In soil environments, microorganisms greatly vary not only in their classification but also their functions, their importance and how they are distributed among soil. One factor that affects the distribution in the soil is requirement of oxygen and microorganisms can be placed in one of five categories based on this need for oxygen; obligate aerobes, microaerophiles, obligate anaerobes, aerotolerant aerobes and facultative anaerobes. These soil microorganisms play an important role in "decomposition and the recycling of essential nutrients that are locked in macromolecules of organic material" (Roberston, S. & Egger, K., 2008). Essential nutrients are released using enzymatic hydrolysis reactions and different types of bacteria perform their own unique group of biochemical reactions. This difference in biochemical reactions is one way microorganisms can be identified. Most soil bacteria are heterotrophs because they use existing organic compounds, such as dead plants, as their source of carbon and energy. Starch, sulfur, and nitrogen are all essential for the synthesis of macromolecules and can be obtained by different chemical reactions which the bacterium may or may not be able to complete.
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Microorganisms can only grow in conditions where their cellular components are fully functional. Although as a group, bacteria can grow over a wide variety of environments, genuses have specific temperatures, pHs, and solute concentrations in which they can endure. The heat sensitivity of enzymes, membranes and other cellular components determines the temperature range in which the bacteria can grow. Bacteria can be divided into the following categories based on temperature range; psychrophiles, mesophiles, thermophiles and hyperthermophiles. The pH of the environment also has an effect on growth of bacteria because it affects the activity of biosynthetic enzymes, the availability of nutrients and other compounds that are harmful to the bacteria. The categories in which bacteria are divided based on pH tolerance are acidophiles, neutrophiles and alkalophiles. Solute concentration also effects where bacteria can grow because of osmotic pressure. The concentration of solute on the outside of the plasma membrane that surrounds the bacteria can either cause the bacteria to burst or to shrink. The following experiment is designed to study these important characteristic of different bacteria as well to learn to isolate and classify a specific bacteria from a soil sample.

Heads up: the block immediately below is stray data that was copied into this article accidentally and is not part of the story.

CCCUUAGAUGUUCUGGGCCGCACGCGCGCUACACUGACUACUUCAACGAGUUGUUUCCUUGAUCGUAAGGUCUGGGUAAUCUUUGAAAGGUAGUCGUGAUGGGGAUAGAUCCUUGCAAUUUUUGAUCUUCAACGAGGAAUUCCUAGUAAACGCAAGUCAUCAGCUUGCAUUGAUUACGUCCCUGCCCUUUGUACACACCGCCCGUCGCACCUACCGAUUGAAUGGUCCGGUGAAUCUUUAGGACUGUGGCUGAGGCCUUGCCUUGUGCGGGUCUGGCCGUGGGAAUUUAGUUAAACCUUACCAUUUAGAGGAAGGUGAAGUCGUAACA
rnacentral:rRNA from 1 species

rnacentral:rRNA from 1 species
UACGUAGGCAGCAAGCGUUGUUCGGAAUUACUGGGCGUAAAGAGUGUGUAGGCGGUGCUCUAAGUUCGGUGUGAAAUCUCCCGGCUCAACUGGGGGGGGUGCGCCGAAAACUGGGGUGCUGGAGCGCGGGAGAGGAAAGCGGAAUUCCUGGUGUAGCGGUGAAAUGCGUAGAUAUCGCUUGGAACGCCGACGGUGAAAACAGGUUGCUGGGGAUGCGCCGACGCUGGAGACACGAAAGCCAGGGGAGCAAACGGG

To begin our study of soil bacteria, we obtained a sample of two different soils and diluted them to 10-2 through to 10-7 soil dilutions. Using the 10-2 dilution, inoculates were made in three different culture tubes; broths, slants and stabs and three different agar plates; spread plates, pour plates and streak plates. After allowing these bacteria colonies to grow, we recorded amount of growth for each condition. Pure cultures were created by sub-culturing the bacteria colonies and new streak plates and slants were created. Colony morphology observations such as form, elevation, margin, appearance, optical property, texture and color were made for each of the four pure cultures. Using a compound microscope, cellular morphology properties such as cell shape, cell arrangement and cell diameter were observed and recorded for each pure culture.
Staining techniques allowed us to differentiate between the organism and the background, compare different cell morphologies and observe structures such as endospores and capsules. In this experiment we used Gram stain, which is a differential staining technique that categorizes bacteria based on the structure of their cell wall. Gram staining procedures were taken from the lab manual (Roberston, S. & Egger, K., 2008) and based on the results of gram staining; one was able to differentiate each of the bacteria samples as gram-positive or gram-negative.